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MOTOREX Magazine 2008 83 EN

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I n d u s t r y I n d u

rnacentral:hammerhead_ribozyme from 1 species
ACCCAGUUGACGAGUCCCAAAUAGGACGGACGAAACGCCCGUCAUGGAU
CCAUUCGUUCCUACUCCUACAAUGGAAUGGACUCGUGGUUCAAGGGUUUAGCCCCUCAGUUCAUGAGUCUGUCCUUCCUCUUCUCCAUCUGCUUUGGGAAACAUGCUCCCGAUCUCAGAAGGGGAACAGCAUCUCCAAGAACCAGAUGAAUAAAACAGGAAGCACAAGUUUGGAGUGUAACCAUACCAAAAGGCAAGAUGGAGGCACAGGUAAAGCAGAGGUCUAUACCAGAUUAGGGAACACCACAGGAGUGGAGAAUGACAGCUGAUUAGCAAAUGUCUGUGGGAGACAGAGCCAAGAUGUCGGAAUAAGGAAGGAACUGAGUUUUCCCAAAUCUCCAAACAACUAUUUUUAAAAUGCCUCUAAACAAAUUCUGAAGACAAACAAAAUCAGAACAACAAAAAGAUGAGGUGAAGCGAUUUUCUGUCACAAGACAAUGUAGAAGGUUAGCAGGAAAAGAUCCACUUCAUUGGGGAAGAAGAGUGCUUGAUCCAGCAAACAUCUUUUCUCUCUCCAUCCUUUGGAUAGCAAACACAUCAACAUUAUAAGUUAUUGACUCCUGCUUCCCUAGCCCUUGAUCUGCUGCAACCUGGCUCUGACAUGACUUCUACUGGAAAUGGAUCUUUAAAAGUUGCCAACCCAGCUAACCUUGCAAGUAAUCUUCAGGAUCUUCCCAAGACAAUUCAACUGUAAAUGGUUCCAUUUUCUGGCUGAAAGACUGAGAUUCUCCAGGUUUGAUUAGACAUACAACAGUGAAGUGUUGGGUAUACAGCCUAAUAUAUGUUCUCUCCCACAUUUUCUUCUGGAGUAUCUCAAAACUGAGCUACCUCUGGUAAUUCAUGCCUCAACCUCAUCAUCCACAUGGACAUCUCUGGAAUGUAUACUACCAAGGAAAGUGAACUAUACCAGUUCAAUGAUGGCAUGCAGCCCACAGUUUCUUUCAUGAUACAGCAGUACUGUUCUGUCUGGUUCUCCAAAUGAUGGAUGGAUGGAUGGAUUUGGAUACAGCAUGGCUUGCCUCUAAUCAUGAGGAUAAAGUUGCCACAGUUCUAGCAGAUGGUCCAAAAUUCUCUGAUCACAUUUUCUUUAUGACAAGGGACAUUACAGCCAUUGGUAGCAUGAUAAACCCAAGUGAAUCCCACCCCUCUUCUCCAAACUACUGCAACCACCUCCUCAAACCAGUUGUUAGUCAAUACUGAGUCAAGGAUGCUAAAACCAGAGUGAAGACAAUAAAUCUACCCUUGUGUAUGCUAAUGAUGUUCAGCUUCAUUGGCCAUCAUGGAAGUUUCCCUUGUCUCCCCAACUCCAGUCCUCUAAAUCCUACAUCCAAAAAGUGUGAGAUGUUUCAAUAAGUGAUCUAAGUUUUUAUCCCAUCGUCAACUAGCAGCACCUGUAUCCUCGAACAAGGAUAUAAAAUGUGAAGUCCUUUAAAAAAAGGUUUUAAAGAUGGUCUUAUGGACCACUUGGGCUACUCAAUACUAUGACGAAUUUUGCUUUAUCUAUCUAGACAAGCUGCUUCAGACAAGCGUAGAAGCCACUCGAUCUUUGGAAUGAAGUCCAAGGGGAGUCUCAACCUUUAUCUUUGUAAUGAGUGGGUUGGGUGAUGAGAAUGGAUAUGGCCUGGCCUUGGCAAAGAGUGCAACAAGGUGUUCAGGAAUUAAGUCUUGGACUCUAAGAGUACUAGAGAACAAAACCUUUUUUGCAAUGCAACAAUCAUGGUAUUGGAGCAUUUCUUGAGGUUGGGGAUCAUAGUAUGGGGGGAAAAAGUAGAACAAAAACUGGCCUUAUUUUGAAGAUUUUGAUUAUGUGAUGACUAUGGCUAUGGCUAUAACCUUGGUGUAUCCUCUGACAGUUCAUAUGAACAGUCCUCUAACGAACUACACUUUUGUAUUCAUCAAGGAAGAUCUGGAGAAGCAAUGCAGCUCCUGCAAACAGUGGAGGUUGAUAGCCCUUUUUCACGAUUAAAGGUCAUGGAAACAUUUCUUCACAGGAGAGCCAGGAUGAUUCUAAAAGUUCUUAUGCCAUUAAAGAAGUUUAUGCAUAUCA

I n d u s t r y I n d u s t r y 14 Realistic: fluid-optimized precision milling The full carbide milling tool revolves at 6000 rpm, removing material for the conical external hexagon in a single pass. The hexagonal prism is hardly recognizable to the naked eye – Fichter was thrilled to achieve top results on the first try. They’re still around, the suppliers who make the impossible possible in the “crazy” watch and medical device industries. If it’s possible to do something with a machine tool, Horst Fichter Precision Turned Parts of St. Georgen in the Black Forest can do it. The company specializes in the production of ultraprecise medical device parts. It is often small and mid-sized entrepreneurial subcontractors that have built up specialized expertise and a loyal customer base over decades. This expertise needs to be continually updated through close collaboration with experts in metals, tools, machine tools and machining fluids. Conicity as safety feature One good example of the challenges that arise in the production of parts for medical devices is an extremely difficult tool used in prosthetics. The workpiece is made of 1.4112 stainless steel and features a slightly conical hexagon at one end, only 2 mm in diameter. The conical shape between the tool and the bone screw ensures that the screw can’t drop off once it is attached to the tool. This property is a key requirement for correct positioning of the screw. Milling the outer hexagon Fichter performs all the steps in working this tool on a TORNOS 13a. Dimensional tolerance in turning is an extreme challenge. In precision milling with a high-quality 2.2 mm diameter solid carbide mill, greater spread was found in the conical area at the end of each work step. As a result, the screws, which likewise have extremely fine tolerances in the hexagonal seat, were not always fixed 1.4112 stainless steel This rust- and acid-resistant material (X90CrMoV18) is composed of 0.85 – 0.95% C (carbon) 1% Si (silicon) 1% Mn (manganese) 0.04% P (phosphorus) 0.015% S (sulfur) 17 – 19% Cr (chromium) 0.9–1.3% Mo (molybdenum) 0.07–0.12% V (vanadium) and is of average ductility. securely to the cone of the surgical tool. The reject rate in milling was as high as 30 to 46%! Switching to MOTOREX ORTHO Every working parameter was reviewed – without success. The only remaining modifiable parameter was the machining fluid, with the tool, bar material, cutting data and programming all left unchanged. During the search for a new cutting oil, various experts recommended the unique high-performance ORTHO NF-X cutting oil from MOTOREX. Enhanced tool service life… Significantly longer tool service life was observed during the first eight hours of turning on the first machine filled with MOTOREX ORTHO NF-X, ISO 15 and during deep boring of a different part. Fichter’s specialists eagerly awaited the outer hexagon measurements of the first series of the surgical tool produced with ORTHO NF-X. …with hugely improved dimensional accuracy When the milled hexagon was measured, the dimensional precision proved to be very high, a successful result. Measurement values were meticulously recorded, and the reject rate at the end of the series was a mere 5.8%! How was this possible? Following a metallurgical and lubricant analysis in the MOTOREX laboratory and on the machine itself, it was determined that a special formulation contained in ORTHO NF-X specifically uses the heat generated by milling to increase high-pressure stability, with a beneficial effect on machining. This enables “gentler” removal of the material layer on the workpiece and thus an improvement in surface quality. A look at the surface of 1.4112 stainless steel under an electron microscope clearly reveals an irregular structure. The lubricant film visibly cushions the hard impact of the milling tool as the material is carried away, protecting the structure of the material. The result: improved surface quality and dimensional precision. A well-rehearsed team Horst Fichter depends on various generations of Tornos equipment, and the machine hall is filled with neat rows of carefully polished machines. The oldest sliding headstock lathe, a 1948 Tornos Model A, still performs its relatively simple duties with the same aplomb with which the latest Deco generation carries out highly complex work processes. The Fichter turning shop has used MOTOREX ORTHO NF-X since January 2006, benefiting from its many positive characteristics. Hearing the proprietor talk about the quality and ingenious performance of his two Swiss suppliers, the listener soon understands why he relies on the established team of Tornos and MOTOREX. The machine operator stays informed by taking regular measurements and keeping a measurement log. Several generations of Tornos machine tools stand in neat rows at Horst Fichter Turning. There’s even a 1948 Tornos Model A! ORTHO NF-X: a critical success factor. It took decades for the complex fluid technology to reach today’s level of sophistication. 15



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